Catholic Church in Nazi Germany: Holocaust

Pope Pius XII

Pope Pius XII

Reigned 1939-1958

 

Pius XII who ascended to the papacy in 1939, was one of the more controversial popes in history. While remaining silent on the Jewish issue, he did speak out against the humanitarian issues raised by the Nazis. He addressed these issues in the Summi Pontificatus. The Summi Pontificatus spoke against racial issues and the negative aspects of totalitarian governments. The church noticed the dangers between a church and state that were one. The Nazis number one goal was to have a complete Nazification of society from politics, to social issues to religion. The Vatican operates in a position of great power, which posed a threat for Nazi goals, and with great power comes great responsibility. The world needed a strong leader to take charge in a time of chaos, Pius XII was not the man the world needed. Possibly no world power possessed as much knowledge about the Holocaust as the Vatican, they were in constant contact with Bishops in and around Europe who kept them up to date with growing Nazi aggressions. Their silence can be explained away with a series of excuses but it cannot be justified. While individual Catholics were seized for speaking out against the Nazis, those in positions of power such as, Clemens August Graf von Galen, who used their pulpits as an opportunity to speak against certain Nazi programs, like the euthanasia program, were left largely untouched. One common excuse for the silence on behalf of the Vatican was their fear of reprisal by the Nazi leaders, but if we take individual examples it is easy to conclude that the Nazis would not move against the church as a whole. The Nazis were conscious of public opinion and needed the catholic constituents to keep their plans running smoothly. The Catholics presented the opportunity to be a giant road block and instead stepped aside and allowed the Nazi program to go full steam ahead.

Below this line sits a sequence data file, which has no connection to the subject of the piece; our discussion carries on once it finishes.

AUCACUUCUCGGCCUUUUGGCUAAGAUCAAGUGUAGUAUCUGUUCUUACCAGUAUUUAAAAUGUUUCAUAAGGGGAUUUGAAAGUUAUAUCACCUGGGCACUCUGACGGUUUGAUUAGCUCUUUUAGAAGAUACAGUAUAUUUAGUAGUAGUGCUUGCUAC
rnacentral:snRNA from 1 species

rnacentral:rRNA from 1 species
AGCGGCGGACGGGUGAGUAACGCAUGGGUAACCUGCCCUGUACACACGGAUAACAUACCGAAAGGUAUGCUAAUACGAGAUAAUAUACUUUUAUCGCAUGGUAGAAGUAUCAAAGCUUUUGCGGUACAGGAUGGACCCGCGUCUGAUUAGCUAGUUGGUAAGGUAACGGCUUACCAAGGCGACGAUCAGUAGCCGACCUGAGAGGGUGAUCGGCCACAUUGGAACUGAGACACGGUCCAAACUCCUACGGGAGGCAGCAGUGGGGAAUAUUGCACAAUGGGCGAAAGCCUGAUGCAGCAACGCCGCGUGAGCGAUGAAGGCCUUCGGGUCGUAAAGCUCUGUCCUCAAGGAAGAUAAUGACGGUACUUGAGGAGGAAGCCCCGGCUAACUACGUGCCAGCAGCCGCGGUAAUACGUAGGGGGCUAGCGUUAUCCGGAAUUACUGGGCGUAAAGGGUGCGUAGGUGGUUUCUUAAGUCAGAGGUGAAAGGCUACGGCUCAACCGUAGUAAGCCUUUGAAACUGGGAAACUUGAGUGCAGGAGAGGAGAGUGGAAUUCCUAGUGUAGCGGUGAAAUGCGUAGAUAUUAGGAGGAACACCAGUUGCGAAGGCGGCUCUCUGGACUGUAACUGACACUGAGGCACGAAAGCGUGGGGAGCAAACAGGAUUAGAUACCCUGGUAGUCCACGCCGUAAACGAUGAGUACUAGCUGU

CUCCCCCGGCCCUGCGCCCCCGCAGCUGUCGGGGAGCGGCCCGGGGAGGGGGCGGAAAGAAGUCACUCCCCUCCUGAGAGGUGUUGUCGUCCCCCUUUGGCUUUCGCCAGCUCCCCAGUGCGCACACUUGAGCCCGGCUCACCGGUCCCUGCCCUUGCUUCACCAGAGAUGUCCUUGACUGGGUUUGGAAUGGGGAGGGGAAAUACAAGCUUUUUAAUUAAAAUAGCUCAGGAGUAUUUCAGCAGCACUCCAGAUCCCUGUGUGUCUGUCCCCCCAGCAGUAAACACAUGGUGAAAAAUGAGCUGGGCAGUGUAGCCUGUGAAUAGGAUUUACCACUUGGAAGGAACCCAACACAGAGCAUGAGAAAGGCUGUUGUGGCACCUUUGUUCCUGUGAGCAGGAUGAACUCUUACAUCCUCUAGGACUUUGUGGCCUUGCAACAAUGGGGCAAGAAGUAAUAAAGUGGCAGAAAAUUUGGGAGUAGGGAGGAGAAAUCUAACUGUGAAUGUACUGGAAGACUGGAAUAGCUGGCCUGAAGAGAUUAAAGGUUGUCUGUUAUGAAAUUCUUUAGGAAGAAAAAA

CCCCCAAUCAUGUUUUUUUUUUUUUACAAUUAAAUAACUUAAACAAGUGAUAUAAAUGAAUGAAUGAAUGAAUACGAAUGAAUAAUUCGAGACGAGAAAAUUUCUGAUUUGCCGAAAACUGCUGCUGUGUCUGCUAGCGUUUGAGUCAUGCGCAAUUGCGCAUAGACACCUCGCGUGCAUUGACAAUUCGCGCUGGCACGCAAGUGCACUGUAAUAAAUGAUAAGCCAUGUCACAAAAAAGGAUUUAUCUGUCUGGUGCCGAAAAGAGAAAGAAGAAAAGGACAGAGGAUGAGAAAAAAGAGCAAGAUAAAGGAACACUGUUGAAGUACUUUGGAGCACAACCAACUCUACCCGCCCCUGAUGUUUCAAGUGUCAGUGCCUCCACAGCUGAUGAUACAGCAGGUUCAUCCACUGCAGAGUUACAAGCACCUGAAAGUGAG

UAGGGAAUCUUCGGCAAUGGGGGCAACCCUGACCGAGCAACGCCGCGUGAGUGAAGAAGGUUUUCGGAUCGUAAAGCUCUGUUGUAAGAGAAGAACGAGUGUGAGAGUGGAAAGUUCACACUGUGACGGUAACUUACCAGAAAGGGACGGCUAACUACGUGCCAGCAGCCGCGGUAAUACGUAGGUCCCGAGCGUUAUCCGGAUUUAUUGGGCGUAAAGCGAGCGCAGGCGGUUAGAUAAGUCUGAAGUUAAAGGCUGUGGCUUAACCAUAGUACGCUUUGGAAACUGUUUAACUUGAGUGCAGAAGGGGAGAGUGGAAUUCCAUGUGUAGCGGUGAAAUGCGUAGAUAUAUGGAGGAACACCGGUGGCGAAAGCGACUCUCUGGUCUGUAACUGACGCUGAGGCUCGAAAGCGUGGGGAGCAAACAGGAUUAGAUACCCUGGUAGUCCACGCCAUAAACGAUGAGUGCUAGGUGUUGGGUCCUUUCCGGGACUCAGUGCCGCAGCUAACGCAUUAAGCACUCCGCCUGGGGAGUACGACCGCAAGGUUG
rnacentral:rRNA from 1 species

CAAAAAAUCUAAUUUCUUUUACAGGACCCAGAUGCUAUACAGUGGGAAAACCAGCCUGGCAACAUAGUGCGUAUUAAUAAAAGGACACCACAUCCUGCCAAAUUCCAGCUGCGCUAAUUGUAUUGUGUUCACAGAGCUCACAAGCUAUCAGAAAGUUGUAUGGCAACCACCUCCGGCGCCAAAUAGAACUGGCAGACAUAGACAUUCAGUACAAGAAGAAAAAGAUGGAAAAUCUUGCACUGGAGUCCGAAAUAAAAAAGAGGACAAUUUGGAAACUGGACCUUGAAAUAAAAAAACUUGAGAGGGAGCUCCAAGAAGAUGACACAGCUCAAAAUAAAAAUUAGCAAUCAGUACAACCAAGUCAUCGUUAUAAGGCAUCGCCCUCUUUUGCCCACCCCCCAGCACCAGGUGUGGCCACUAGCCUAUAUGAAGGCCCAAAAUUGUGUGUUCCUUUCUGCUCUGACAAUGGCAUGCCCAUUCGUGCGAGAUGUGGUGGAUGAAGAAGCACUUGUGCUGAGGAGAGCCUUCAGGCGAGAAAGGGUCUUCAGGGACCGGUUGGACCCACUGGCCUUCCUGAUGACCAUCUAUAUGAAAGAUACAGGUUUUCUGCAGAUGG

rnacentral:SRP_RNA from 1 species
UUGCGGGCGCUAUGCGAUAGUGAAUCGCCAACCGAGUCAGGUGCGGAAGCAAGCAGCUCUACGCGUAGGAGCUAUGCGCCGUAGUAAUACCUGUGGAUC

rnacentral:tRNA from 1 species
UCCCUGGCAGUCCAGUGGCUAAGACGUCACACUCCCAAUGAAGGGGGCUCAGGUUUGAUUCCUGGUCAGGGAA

Catholic Church in Nazi Germany: Holocaust